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this would be a view of the rear of the site with the tower of St. Catherine's rising up on the far side of Thomas's Court.

Must get a closer look at the building. No matter how prestigous the architects, I just dont trust the building record reports that are being submitted with planning applications at the moment.

The Frawleys development Building Record Report states that '34 -35 is a 3 bay symmetrical facade in a muted, vaguely Art Deco style' and it reports of no. 36, (Fade's early 18th century mansion) 'The building is Victorian in character'! and that the rear elevation ' . . has blocked up windows in various styles'! No. 32, which I would put my mortgage on being a rare twin 'Dutch Billy', is just an early Georgian with a double hipped roof apparently.

The one interesting thing from the Frawley's application was an archaeological report from Claire Walsh which included a trial trench as well as a desk top survey. Nothing outstanding turned up but the extent of the monastery is clear and they are at least trying to find it.

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An extract from the archaeological report with the monastery that GP was asking about overlaid on Rocque.
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Re: 'Dutch Billys'

Postby GP » Tue Jul 01, 2008 12:18 pm

The sketch of the rear of the Marrowbone Lane building reminds me of the rear of a building on Aungier Street. I don't live in Ireland so I can't go and check the details but the back of this building was visible when the new hostel was being built on Little Longford Street. If you are on Little Longford Street, going west, you need to turn right on to Aungier Street and it is the second building on the right. The maps. live.com page shows scaffolding a year or so ago. Worth looking up?
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Re: 'Dutch Billys'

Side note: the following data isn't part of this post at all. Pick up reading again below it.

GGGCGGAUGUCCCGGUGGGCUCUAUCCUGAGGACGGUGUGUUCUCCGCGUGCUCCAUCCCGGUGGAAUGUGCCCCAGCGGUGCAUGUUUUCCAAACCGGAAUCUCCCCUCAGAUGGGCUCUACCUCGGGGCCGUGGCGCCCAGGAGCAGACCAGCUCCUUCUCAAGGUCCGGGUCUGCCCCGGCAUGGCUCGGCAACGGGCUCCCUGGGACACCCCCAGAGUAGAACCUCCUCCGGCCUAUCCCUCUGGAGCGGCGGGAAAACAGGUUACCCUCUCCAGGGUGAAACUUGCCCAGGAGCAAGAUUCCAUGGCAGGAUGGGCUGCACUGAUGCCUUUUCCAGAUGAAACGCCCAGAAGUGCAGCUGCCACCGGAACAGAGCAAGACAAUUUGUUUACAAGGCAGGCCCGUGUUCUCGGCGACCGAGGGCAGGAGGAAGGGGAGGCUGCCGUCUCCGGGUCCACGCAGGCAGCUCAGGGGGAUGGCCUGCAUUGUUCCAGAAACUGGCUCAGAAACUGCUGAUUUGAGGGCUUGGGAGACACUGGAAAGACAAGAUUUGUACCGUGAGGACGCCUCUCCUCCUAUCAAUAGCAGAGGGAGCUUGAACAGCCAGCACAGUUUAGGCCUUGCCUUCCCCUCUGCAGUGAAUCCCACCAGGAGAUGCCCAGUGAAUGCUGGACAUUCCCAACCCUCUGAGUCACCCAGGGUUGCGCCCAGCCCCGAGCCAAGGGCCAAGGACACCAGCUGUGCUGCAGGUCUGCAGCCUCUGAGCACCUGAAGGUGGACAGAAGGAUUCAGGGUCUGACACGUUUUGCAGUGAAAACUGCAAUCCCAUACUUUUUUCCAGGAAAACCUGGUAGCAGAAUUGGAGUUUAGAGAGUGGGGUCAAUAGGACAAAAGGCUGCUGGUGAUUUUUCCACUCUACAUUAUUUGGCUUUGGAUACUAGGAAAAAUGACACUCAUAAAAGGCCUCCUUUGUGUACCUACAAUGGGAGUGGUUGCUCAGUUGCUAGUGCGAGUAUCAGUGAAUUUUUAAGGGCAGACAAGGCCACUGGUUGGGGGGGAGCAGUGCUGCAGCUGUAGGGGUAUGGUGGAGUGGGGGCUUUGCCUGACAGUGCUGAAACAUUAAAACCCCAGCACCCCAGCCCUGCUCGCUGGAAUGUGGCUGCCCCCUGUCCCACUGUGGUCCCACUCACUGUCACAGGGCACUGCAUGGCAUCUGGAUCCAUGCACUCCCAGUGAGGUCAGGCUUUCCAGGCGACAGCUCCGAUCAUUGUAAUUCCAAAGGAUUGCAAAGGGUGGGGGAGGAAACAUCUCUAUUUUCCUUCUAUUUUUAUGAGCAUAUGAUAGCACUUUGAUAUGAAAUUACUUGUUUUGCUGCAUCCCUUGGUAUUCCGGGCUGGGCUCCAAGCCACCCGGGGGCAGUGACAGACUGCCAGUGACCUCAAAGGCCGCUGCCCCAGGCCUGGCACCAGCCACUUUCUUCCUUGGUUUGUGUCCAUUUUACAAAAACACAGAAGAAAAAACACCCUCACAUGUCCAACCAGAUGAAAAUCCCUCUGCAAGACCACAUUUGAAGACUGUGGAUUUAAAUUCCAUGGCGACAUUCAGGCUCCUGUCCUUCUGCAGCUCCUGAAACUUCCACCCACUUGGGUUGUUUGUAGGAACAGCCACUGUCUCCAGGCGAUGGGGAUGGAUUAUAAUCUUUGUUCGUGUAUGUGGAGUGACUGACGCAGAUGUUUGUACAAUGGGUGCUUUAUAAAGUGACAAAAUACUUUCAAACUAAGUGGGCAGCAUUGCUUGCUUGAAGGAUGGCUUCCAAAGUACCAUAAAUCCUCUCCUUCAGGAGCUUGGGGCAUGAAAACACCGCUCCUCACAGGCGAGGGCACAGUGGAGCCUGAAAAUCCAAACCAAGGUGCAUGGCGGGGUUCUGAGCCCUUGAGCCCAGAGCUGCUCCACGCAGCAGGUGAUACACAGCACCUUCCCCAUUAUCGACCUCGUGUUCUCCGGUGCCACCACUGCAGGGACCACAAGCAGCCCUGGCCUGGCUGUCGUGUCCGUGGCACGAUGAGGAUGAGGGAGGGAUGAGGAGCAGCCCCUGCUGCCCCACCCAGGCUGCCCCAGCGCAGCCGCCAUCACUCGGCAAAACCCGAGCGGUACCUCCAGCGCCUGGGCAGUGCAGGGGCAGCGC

Postby gunter » Thu Jul 03, 2008 4:10 pm

This isn't really the right thread for this, but the point I want to make relates to the site of the 'Seven Gables' which we've been dealing with a couple of posts back on this thread.

This is one of the promotional images for the 'Millcourt' development that looms up behind the retained 'Tenters' pub at the corner of Mill Street and Blackpitts.

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The development was granted planning permission last year and you can see why, the image is very compelling.

The view down New Row South uses, to the maximum, the framework of the stone 'Laundry building' (former distillery and Protected Structure) on the left and the similarly scaled, red brick, Zoe apartment development, on the right, to set off the sharp looking, blue tinted contrasting contemporary vertical vista closer in the distance. The colour scheme is an advertising executive's dream, even the double yellow lines look like 'go faster stripes' into the future.

But this is still haphazzard planning, it's still represents a random jump in the scale of the streetscape that can't be readily followed without knocking everything else down and starting again. The Mill Street view is much less compelling. The developers weren't going to waste any subtlety down a back street like this and loose valuable floor area breaking up the scale.

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Mill Street looking north towards the Millcourt development. Looking north up New Row from Mill Street.

The new proposal for the 'Seven Gables' site follows directly from the 'Millcourt' decision. Naturally it's one storey higher at 10 storeys just to squeeze the last ounce out of it, but even at nine storeys it would have been more than twice the height of the original streetscape and any gestures towards subtlety have been dispensed with now that the precedent has been set.